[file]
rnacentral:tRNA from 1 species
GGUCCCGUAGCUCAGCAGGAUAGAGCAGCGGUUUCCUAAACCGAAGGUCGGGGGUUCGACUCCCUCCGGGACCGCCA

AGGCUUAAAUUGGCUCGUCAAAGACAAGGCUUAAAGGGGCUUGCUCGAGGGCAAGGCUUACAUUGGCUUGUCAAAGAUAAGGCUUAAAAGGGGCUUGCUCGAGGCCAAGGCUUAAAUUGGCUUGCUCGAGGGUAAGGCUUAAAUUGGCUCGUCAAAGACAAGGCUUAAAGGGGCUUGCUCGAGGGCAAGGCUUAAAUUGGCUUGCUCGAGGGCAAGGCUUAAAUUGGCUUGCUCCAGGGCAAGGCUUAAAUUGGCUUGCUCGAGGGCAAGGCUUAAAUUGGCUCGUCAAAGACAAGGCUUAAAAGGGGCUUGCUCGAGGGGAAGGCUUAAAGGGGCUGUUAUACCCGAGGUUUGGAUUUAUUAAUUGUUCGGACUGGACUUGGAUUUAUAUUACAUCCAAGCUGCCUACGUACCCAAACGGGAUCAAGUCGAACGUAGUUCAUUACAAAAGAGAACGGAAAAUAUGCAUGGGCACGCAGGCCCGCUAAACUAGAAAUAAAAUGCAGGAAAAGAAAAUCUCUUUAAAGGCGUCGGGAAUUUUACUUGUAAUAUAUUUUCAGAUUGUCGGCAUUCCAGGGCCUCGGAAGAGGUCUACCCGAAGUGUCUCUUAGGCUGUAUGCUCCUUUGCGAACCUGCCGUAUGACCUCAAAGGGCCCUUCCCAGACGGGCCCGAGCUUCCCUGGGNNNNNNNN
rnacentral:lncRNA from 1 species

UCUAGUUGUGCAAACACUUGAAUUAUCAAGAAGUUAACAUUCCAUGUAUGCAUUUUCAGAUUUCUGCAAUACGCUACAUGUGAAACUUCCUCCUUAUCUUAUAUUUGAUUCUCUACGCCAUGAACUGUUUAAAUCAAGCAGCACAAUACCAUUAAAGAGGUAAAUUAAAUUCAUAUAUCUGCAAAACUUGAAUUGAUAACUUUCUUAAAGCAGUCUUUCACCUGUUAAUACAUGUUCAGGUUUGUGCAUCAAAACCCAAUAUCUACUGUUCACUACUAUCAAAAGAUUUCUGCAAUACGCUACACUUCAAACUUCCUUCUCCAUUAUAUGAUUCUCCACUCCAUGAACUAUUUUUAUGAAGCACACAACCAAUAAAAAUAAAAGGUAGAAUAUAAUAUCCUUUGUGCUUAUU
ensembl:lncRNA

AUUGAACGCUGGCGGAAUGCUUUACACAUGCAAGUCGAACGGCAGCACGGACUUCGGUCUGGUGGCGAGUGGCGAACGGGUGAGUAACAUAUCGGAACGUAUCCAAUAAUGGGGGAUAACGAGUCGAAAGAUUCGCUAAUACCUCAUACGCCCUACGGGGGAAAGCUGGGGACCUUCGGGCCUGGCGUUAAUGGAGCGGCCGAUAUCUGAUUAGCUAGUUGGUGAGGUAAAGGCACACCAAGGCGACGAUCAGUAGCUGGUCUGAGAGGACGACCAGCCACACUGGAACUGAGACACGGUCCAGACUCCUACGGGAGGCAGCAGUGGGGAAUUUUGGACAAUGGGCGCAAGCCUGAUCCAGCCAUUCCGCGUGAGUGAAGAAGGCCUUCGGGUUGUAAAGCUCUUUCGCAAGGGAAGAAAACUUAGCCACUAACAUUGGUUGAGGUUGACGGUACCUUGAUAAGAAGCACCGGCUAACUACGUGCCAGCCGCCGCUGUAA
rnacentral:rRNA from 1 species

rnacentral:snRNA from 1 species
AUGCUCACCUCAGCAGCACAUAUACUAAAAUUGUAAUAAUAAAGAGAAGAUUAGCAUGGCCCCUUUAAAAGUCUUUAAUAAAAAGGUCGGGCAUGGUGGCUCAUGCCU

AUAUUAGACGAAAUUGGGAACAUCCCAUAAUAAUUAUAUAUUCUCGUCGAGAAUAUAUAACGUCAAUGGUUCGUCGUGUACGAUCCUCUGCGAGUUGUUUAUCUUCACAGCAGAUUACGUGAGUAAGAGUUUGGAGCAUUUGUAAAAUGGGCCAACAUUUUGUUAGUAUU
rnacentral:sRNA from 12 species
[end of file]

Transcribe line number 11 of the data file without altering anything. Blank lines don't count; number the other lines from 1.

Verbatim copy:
AUAUUAGACGAAAUUGGGAACAUCCCAUAAUAAUUAUAUAUUCUCGUCGAGAAUAUAUAACGUCAAUGGUUCGUCGUGUACGAUCCUCUGCGAGUUGUUUAUCUUCACAGCAGAUUACGUGAGUAAGAGUUUGGAGCAUUUGUAAAAUGGGCCAACAUUUUGUUAGUAUU